elements of a c program

In this lesson, we will talk about the basic elements of a C Program. We will also discuss the structure and meaning of each part in some detail.

Example of Basic Elements of a C Program

As shown above, there are four basic elements of a C Program:

  • Preprocessor Directives
  • Comments
  • Functions
  • Statements

Preprocessor Directives

In a C Program, lines starting with the pound symbol(#) are known as Preprocessor directives or just directives. They must be placed at the beginning of the Program. Any program before compilation goes through a special program called preprocessor. This special program is usually built into the compiler and works on its own after the programmer gives the Compile command. Preprocessor directives perform various functions in C, but for now, we will use them to include Header files.[1]

What is a Header File?

A header file is a file that contains information about the functions that we want to use in our Program along with C declarations and macro definitions to be shared between several other source files.[2] In laymen’s terms think of header files as including code not written by us into our Program. We will learn about them in detail later.

A header file should always end with .h extension. Once we include a particular header file in our program, we can use all the functions defined inside it. Keep in mind that preprocessor directives do not end with the semicolon (;).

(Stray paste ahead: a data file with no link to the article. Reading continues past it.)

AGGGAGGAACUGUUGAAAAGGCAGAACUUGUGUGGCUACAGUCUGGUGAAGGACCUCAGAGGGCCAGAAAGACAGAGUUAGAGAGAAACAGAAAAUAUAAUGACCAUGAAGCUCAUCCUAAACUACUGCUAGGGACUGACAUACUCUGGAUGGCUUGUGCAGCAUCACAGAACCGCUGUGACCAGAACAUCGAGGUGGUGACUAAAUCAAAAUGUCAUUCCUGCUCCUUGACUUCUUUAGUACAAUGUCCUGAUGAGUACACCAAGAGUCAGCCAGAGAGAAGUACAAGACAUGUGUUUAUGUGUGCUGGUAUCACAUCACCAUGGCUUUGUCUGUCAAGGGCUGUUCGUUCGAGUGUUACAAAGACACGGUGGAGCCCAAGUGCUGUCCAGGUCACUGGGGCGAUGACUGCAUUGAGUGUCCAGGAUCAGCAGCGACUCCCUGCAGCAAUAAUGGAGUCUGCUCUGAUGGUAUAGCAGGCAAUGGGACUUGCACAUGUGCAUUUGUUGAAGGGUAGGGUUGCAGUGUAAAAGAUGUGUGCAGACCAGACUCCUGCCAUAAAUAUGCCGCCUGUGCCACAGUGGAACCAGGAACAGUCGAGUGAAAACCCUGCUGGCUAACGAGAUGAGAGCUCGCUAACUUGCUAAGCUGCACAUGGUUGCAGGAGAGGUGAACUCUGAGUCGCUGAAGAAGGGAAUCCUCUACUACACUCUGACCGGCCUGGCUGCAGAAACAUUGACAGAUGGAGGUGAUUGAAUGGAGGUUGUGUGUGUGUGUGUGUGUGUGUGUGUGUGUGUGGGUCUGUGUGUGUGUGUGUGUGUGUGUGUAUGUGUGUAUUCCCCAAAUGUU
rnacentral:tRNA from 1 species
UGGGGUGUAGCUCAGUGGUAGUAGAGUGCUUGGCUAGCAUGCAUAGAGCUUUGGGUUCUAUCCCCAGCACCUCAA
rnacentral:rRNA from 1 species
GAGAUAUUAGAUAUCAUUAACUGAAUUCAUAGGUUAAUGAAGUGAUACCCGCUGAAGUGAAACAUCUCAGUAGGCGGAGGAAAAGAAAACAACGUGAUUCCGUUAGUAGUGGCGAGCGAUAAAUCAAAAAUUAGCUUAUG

The example above causes the preprocessor to include a copy of stdio.h header file into our program. This header file is supplied by the C compiler and contains function definitions for Input & Output operations (more on this later). To include more than one header file, we must place the others in separate lines. For example, C standard library contains a header file called math.h, which contains mathematical functions and constants. To include this header file as well we will write as below:


Comments are valuable notes, explanations or annotations in the source code, written by the programmer to make the source code easier for humans to understand. They may explain the purpose of a code line or help in understanding the program flow. They are one of the vital elements of a C program even though they are ignored by the compiler at the time of code compilation and can be written anywhere in the source code. There are two ways in C to write comments:

  • Single-Line Comment
  • Multi-Line Comment

Single-Line Comment

As clear from the name itself, single-line comments are used to comment on a single line of information. They start with the // and go until the end of the line. In the example below, we can see that a line can contain just the comment (Line 1) or any other basic element of C followed by a comment (Line 5):

Multi-Line comment

This is used in cases where we need to put comments along multiple lines. A multi-line comment starts with /* and ends with */. Everything in between /* and */ will be ignored by the C compiler.


A function is a self-contained group of statements or blocks of code, that together perform a specific task. It is one of the basic elements of the C Program. Every C program will contain at least one function, which is the main() function. A function declaration tells the compiler about a function’s name, return type and parameters. A function definition provides the actual body of the function[3]. We will talk about functions at length, later in the course.